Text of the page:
catapult magazine

catapult magazine

Vol 4, Num 19 :: 2005.10.21 — 2005.11.03


Redeeming our shock words

Whenever we consider inviting an artist to perform at Calvin, we
evaluate several aspects of that musician's merit. Is the artist's work
culturally significant? Will it stand the test of time? Is the music
itself of high quality? Does the artist have something meaningful to
say in her songs?

And then, the final arbiter of whether or not the musician will
eventually appear on our stage: does this artist use strong language in
abundance? If so, he or she is usually dropped from our list.

But should this be the Christian response to what we refer to
obliquely as "strong language?" In my occupation as someone who almost
constantly listens to music and watches films and television, this
question weighs heavy on my mind. I have often considered what it might
take to develop a comprehensive understanding of four-letter words in

The traditional response, of course, is that understanding is beside
the point: swear words are always inappropriate for Christians to say
and hear, end of discussion. But media supersaturation has made
avoiding such language nigh impossible, and Christians have discovered
that the issue is more complex than simply citing scripture verses
about "unclean talk." Many evangelical mainstays have also recognized
this and set about constructing a smart, theological aesthetic for
engaging with and discerning mainstream popular culture. Still,
confusion and legalism continue to cloud the issue.

The first order of business is narrowing down what we're talking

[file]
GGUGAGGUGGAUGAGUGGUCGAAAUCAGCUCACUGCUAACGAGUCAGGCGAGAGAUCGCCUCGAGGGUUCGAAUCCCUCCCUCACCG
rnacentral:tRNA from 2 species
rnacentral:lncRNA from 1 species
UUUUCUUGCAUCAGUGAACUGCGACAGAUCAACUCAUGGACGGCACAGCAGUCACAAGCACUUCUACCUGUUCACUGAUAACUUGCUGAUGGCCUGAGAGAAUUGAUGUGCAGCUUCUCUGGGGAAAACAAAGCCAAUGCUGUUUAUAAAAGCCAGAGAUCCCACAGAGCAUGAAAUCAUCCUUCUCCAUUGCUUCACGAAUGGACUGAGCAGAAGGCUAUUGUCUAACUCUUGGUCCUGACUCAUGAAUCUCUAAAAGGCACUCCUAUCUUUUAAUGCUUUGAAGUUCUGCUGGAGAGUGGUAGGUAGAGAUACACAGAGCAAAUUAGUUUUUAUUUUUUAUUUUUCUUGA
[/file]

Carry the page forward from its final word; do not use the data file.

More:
about when we refer to "strong language." The Anglo-Saxon tongue has as
many terms to classify the vernacular as it has bawdy words themselves,
and we use those terms interchangeably. In addition to "strong
language" and "four-letter words," we refer to profanity, obscenity,
vulgarity, swearing, cussing, colorful language (alternately, off-color
language), expletives, and talking a blue streak, among countless
others. Not all of these mean the same thing; profanity, for instance,
refers to the misuse of sacred words and divine names, yet we tend to
make it an umbrella term for any and all words we consider offensive.
Sorting out the various meanings of our descriptors and using them
properly is a good place to start when speaking on this topic.

It may at first seem nitpicky, but a commitment to evaluating the
nuances of strong language reflects a moral motivation, a deep respect
for the complex purposes and meanings of linguistics. The latter is
something Christians engaged with popular culture ought to pursue when
considering the presence and purposes of strong language in art. Above
all, we want to recognize that these words, like all others, are meant
to communicate, to convey specific meanings in specific ways. They are,
as Oxford American Dictionary editor Erin McKean writes, "a fascinating
part of our language," and thus ought to be treated with care and

Practically speaking, what does being a good steward of strong
language look like? How do we Christians learn to honor some of our
most powerful and descriptive tools of communication? Is there anything